The following is from the March, 14 2014 Congressional Research Service report, Maritime Territorial and Exclusive Economic Zone (EEZ) Disputes Involving China: Issues for Congress
China’s actions for asserting and defending its maritime territorial and exclusive economic zone (EEZ) claims in the East China (ECS) and South China Sea (SCS), particularly since late 2013, have heightened concerns among observers that ongoing disputes over these waters and some of the islands within them could lead to a crisis or conflict between China and a neighboring country such as Japan, the Philippines, or Vietnam, and that the United States could be drawn into such a crisis or conflict as a result of obligations the United States has under bilateral security treaties with Japan and the Philippines.
More broadly, China’s actions for asserting and defending its maritime territorial and EEZ claims have led to increasing concerns among some observers that China may be seeking to dominate or gain control of its near-seas region, meaning the ECS, the SCS, and the Yellow Sea. Chinese domination over or control of this region, or Chinese actions that are perceived as being aimed at achieving such domination or control, could have major implications for the United States, including implications for U.S.-China relations, for interpreting China’s rise as a major world power, for the security structure of the Asia-Pacific region, for the longstanding U.S. strategic goal of preventing the emergence of a regional hegemon in one part of Eurasia or another, and for two key elements of the U.S.-led international order that has operated since World War II—the non-use of force or coercion as a means of settling disputes between countries, and freedom of the seas.
China is a party to multiple territorial disputes in the SCS and ECS, including, in particular, disputes over the Paracel Islands, Spratly Islands, and Scarborough Shoal in the SCS, and the Senkaku Islands in the ECS. China depicts its territorial claims in the SCS using the so-called map of the nine-dash line that appears to enclose an area covering roughly 80% (some observers say as much as 90%) of the SCS. Some observers characterize China’s approach for asserting and defending its territorial claims in the ECS and SCS as a “salami-slicing” strategy that employs a series of incremental actions, none of which by itself is a casus belli, to gradually change the status quo in China’s favor. At least one Chinese official has used the term “cabbage strategy” to refer to a strategy of consolidating control over disputed islands by wrapping those islands, like the leaves of a cabbage, in successive layers of occupation and protection formed by fishing boats, Chinese Coast Guard ships, and then finally Chinese naval ships.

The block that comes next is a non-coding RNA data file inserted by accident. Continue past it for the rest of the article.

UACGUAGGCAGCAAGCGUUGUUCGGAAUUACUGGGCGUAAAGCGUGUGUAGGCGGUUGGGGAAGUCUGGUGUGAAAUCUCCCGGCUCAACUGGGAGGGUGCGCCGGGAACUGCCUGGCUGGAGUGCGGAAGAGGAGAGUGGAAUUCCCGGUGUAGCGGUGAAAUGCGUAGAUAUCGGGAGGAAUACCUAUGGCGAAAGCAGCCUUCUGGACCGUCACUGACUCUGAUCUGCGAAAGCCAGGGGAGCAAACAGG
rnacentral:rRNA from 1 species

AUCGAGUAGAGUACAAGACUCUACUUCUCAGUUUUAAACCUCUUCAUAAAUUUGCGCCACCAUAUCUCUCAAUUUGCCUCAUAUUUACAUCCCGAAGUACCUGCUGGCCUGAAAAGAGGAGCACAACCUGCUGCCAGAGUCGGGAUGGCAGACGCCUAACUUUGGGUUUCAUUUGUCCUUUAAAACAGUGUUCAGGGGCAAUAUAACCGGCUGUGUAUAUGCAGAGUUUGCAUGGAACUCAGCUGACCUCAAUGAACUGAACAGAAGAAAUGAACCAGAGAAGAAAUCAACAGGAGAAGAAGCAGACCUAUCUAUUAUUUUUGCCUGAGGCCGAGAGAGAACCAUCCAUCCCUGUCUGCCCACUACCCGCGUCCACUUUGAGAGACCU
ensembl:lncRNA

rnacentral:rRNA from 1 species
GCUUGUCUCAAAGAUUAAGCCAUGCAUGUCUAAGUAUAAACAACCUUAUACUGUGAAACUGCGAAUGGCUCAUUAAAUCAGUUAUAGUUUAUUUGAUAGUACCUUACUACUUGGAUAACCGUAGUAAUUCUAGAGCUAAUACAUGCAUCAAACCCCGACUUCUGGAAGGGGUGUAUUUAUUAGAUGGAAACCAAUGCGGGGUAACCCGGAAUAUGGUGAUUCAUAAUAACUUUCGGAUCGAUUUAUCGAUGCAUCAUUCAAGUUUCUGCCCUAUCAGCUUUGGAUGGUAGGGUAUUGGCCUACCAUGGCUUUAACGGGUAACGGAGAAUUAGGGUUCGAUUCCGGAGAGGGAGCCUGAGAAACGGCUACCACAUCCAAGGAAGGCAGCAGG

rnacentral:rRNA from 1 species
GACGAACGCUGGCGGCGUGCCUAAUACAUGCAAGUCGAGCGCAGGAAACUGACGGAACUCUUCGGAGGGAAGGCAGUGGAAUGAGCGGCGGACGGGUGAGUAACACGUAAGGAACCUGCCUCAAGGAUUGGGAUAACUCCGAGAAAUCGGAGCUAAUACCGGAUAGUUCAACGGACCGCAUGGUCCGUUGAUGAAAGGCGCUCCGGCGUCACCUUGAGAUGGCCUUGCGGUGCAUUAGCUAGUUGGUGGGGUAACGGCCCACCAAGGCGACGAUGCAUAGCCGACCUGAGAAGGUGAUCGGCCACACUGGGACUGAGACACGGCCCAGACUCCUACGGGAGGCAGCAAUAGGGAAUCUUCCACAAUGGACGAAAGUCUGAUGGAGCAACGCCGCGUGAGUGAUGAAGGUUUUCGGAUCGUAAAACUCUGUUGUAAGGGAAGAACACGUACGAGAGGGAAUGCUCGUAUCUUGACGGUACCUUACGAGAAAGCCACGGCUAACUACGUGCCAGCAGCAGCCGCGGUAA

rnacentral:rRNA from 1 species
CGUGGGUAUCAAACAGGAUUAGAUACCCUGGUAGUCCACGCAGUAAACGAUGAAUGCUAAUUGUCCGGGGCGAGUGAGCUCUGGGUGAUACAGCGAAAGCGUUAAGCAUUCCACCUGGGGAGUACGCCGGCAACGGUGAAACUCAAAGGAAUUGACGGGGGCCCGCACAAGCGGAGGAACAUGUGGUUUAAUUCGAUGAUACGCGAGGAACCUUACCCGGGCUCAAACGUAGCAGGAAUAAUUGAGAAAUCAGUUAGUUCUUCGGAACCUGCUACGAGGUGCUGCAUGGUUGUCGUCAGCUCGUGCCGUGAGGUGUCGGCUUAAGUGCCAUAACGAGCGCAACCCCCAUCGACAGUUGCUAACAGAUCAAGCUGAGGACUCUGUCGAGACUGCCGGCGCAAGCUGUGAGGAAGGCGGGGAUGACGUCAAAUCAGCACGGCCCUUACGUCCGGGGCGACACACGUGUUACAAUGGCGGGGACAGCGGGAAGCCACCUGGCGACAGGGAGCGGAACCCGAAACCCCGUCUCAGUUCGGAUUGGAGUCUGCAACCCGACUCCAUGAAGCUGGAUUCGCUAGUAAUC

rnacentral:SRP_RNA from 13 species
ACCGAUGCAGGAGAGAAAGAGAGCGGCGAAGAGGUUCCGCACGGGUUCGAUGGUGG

In addition to territorial disputes in the SCS and ECS, China is involved in a dispute, particularly with the United States, over whether China has a right under international law to regulate the activities of foreign military forces operating within China’s EEZ. The dispute appears to be at the heart of incidents between Chinese and U.S. ships and aircraft in international waters and airspace in 2001, 2002, 2009, and 2013.
The U.S. position on territorial and EEZ disputes in the Western Pacific (including those involving China) includes the following elements, among others: The United States takes no position on competing claims to sovereignty over disputed land features in the ECS and SCS. Claims of territorial waters and EEZs should be consistent with customary international law of the sea and must therefore, among other things, derive from land features. Claims in the SCS that are not derived from land features are fundamentally flawed. Territorial disputes should be resolved peacefully, without coercion, intimidation, threats, or the use of force. Parties should avoid taking provocative or unilateral actions that disrupt the status quo or jeopardize peace and security; the Senkaku Islands are under the administration of Japan and unilateral attempts to ￼change the status quo raise tensions and do nothing under international law to strengthen territorial claims. The United States has a national interest in the preservation of freedom of seas as recognized in customary international law of the sea.
The United States opposes claims that impinge on the rights, freedoms, and lawful uses of the sea that belong to all nations. The United States, like most other countries, believes that coastal states under UNCLOS have the right to regulate economic activities in their EEZs, but do not have the right to regulate foreign military activities in their EEZs.